Liposomal Bupivacaine Shortens Hospital Stays After Major Abdominal Surgery

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Liposomal Bupivacaine Shortens Hospital Stays After Major Abdominal Surgery
Liposomal Bupivacaine Shortens Hospital Stays After Major Abdominal Surgery

NATIONAL HARBOR — Patients treated with lipsomal bupivacaine after major abdominal surgery had similar pain relief and shorter hospital stays than those treated with thoracic epidural, study findings indicate.

Hospital stays were 1 to 2 days shorter for patients who did not receive a thoracic epidural, Albin Quiko, MD, of the Naval Medical Center in San Diego, California, said during a poster session at the American Academy of Pain Medicine 2015 meeting. The new long-acting local anesthetic can provide analgesia for up to 72 hours. 

"We felt that if the analgesia was equivalent, then this may avoid some of the potential adverse side effects of a thoracic epidural, such as hypotension, one-sided block or not working at all," Quiko said. 

Using data from electronic medical records, he and colleagues compared outcomes among 190 patients who had received liposomal bupivacaine during laparotomies, thoracotomies or sternotomies from May 2013 to May 2014 to patients who had received thoracic epidurals from an earlier period.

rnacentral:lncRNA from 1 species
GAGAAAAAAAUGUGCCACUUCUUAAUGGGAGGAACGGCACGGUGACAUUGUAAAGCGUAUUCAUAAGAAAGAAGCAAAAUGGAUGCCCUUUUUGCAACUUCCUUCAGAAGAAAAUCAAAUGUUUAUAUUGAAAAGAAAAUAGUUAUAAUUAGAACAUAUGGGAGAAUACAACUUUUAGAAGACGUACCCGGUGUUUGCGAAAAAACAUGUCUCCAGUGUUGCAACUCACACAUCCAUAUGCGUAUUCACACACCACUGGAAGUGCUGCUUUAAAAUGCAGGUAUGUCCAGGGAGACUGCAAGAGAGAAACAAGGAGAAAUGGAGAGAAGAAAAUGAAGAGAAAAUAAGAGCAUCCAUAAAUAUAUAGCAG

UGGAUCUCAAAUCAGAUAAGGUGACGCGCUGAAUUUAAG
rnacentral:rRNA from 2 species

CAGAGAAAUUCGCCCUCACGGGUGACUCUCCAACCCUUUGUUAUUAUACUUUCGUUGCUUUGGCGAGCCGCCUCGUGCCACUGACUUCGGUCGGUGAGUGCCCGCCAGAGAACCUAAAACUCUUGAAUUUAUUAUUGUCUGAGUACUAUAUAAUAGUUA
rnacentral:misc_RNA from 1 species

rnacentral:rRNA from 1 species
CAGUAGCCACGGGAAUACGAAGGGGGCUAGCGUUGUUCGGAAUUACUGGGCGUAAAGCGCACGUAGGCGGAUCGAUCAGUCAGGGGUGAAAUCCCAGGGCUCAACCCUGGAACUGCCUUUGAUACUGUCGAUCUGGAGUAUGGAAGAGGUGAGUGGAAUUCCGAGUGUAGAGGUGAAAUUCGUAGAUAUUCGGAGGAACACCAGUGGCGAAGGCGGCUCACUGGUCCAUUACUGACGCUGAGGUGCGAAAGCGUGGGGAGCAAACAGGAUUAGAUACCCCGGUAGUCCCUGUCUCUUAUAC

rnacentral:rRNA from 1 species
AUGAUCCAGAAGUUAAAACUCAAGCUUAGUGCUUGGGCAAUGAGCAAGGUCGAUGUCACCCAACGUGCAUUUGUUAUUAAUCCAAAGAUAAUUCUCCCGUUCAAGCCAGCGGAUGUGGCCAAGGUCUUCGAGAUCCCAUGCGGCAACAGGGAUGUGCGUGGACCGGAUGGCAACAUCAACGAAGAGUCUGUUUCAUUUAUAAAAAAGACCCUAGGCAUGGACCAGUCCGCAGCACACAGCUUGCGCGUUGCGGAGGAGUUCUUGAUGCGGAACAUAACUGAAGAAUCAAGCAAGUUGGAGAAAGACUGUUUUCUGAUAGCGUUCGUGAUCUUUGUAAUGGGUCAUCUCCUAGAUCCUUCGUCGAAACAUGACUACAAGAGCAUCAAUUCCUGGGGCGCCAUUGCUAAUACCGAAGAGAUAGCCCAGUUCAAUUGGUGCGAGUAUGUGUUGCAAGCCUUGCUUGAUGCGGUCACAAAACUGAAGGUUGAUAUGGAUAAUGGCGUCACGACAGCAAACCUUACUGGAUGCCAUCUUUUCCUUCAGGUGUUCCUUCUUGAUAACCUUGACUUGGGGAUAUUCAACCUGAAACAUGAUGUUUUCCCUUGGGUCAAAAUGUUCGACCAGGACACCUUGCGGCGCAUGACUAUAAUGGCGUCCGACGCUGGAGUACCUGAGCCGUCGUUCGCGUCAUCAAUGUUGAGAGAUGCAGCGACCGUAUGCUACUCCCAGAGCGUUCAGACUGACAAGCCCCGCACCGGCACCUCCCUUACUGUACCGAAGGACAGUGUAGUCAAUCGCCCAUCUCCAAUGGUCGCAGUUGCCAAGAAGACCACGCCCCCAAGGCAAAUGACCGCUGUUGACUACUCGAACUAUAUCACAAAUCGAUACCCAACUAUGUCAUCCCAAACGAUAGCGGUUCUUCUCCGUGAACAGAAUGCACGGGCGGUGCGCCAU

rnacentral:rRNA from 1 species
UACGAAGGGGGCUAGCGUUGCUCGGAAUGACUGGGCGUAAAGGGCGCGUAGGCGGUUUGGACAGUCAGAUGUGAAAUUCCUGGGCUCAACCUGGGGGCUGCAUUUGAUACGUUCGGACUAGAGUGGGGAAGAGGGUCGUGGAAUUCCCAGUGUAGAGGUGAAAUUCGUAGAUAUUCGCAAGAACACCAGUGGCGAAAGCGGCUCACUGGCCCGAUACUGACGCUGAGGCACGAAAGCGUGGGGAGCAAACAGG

The researchers looked at oral and IV opioid consumption, postoperative pain scores, length of intensive care unit stay and total length of hospitalization for 72 hours after the surgery.

Pain scores were equivocal in the two groups, but patients in the liposomal bupivacaine group had a statistically significant 1.5 day decrease in length of stay compared with thoracic epidural, they found.

"Though our evidence only points to a 1 to 2 day savings, when taken in aggregate over a year period at a busy medical center, this can become a significant cost savings to an institution," Quiko said. 

Further prospective randomized controlled clinical trials are needed to further examine factors such as postoperative complications and to rule out the possibility that sicker patients received thoracic epidurals.

Reference

  1. Quicko A et al. #232. "Retrospective Analysis of Quality Improvement and Cost Benefit When Using Liposomal Bupivacaine for Postoperative Pain Control." Presented at: AAPM 2015. March 19-22, 2015; National Harbor, Maryland. 

 

 

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